• I must be intentional – I cannot just desire a deeper relationship with God. I must put forth the effort.
  • I must reorganize my life – I must move, or even remove, certain things in my life to create space for God.
  • I must prioritize – To seek first God and his Kingdom becomes my “first thing” in life.
  • It is worth it! – Nothing in life is better than being with God. Nothing!

In today’s noisy, hyper-connective, phone-addictive culture, we must be more intentional than ever in our efforts to be with God.

Living in an awareness and connection with God is a lifetime journey with Jesus of reorienting our lives around the lifestyle of Jesus and following him.

RELATED: Why I Don’t Call Myself A Christian Anymore (Part 1 of 4)

Early Mornings With God

One of Jesus’ spiritual practices involved spending intentional time alone with God at the beginning of each day. Mark 1:35 informs us this regular habit of Jesus, “And rising very early in the morning, while it was still dark, he departed and went out to a desolate place, and there he prayed.

Here are some practical suggestions in developing a spiritual rhythm of being with God early in the morning. Please understand this is merely a suggestion – you are free to do whatever you feel the Holy Spirit is directing you to do. My goal is to encourage you in this practice of Jesus. If you have already developed a spiritual rhythm of spending time alone with God, then seek some creative ways to make it even more meaningful. So here are some practical ideas:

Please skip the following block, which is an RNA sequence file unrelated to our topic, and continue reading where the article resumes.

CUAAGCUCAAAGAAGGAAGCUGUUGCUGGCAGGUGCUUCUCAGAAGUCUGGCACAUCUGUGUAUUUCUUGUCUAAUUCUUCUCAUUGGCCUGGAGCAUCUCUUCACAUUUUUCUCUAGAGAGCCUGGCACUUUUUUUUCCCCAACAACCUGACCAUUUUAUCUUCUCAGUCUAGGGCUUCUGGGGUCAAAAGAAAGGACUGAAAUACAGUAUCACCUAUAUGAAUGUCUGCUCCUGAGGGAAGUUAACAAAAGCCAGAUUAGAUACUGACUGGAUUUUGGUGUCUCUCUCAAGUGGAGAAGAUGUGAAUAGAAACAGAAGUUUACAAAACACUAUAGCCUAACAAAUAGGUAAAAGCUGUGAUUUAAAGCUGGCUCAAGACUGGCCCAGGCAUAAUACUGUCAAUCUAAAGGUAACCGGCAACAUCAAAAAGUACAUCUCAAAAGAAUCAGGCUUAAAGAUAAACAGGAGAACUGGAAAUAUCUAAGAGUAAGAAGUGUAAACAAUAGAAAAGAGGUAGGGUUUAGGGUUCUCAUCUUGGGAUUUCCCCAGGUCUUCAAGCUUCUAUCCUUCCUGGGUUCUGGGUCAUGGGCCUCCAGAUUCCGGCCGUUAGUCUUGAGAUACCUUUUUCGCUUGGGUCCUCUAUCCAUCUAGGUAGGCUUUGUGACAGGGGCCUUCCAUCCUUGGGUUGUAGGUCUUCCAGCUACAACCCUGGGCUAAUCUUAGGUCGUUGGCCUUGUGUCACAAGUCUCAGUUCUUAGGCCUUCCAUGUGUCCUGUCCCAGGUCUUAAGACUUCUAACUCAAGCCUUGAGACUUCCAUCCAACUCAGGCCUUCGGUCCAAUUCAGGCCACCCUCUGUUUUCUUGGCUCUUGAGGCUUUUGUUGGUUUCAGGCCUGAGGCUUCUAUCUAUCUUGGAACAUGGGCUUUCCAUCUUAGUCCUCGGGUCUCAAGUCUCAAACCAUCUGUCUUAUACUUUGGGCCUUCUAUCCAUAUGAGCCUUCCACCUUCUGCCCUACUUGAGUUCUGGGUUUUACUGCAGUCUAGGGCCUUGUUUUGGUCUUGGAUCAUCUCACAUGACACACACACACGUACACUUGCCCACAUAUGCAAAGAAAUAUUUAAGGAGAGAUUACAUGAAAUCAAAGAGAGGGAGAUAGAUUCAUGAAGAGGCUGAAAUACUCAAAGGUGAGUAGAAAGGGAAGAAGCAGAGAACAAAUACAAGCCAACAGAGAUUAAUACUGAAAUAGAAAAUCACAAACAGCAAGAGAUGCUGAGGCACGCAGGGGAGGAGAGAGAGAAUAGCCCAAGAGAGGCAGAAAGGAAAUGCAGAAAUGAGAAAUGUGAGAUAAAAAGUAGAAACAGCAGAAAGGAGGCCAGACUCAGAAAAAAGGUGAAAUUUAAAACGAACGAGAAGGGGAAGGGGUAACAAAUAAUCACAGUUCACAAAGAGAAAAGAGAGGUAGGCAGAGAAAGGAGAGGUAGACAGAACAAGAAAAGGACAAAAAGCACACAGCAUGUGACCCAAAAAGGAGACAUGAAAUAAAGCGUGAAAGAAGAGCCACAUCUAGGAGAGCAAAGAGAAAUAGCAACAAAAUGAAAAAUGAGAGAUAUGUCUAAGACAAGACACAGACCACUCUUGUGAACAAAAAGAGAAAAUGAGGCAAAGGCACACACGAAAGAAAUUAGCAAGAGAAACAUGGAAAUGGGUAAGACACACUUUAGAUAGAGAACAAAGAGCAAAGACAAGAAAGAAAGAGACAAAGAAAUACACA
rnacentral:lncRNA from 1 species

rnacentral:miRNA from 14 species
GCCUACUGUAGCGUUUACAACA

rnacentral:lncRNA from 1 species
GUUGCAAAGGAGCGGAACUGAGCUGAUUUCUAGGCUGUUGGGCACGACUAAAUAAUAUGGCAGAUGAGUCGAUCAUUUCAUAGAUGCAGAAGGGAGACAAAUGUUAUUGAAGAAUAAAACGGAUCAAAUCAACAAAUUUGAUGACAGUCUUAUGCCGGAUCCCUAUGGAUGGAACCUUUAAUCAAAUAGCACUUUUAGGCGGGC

1. Wake up at least 20 minutes earlier than usual.
    To help get up earlier here are some suggestions: go to bed 20 minutes earlier, place your alarm on the other side of the room so you cannot simply hit the snooze button and roll back over to sleep, and set multiple alarms if needed.
  1. Get out of bed right away.
    No snoozing! To help wake up do some jumping jacks, throw some water on your face, start the coffee, etc.
  1. Stay off your phone!
    Do not get on or even look at your phone for at least the first 30 minutes after waking up. We live in a noisy, demanding world, let’s delay entering it for just a bit. Don’t snooze your alarm; snooze being on your phone.
  1. Spend time with God
    Try to spend at least 10 minutes alone with God. My challenge is not to turn on worship music at this point. Just be with God. Listen and talk. Have an interactive conversation. After 10 minutes feel free to worship, read the Scriptures, or do a devotional. Have fun with Jesus!

Here is a wonderful promise from the Scriptures, “Draw near to God, and he will draw near to you.” (James 4:8).

Craig Conaway is a trainer, coach, spiritual director, and writer. His passion is to help equip people to be courageous followers of Jesus who impact their spheres of influence for the glory of God. Craig has over 20 years of pastoral experience including directing an in-depth discipleship training school. He recently completed his book, Identity: Being Who God Says You AreCraig resides in Norman, OK with his wife and three kids, and is pursuing his Master’s of Leadership.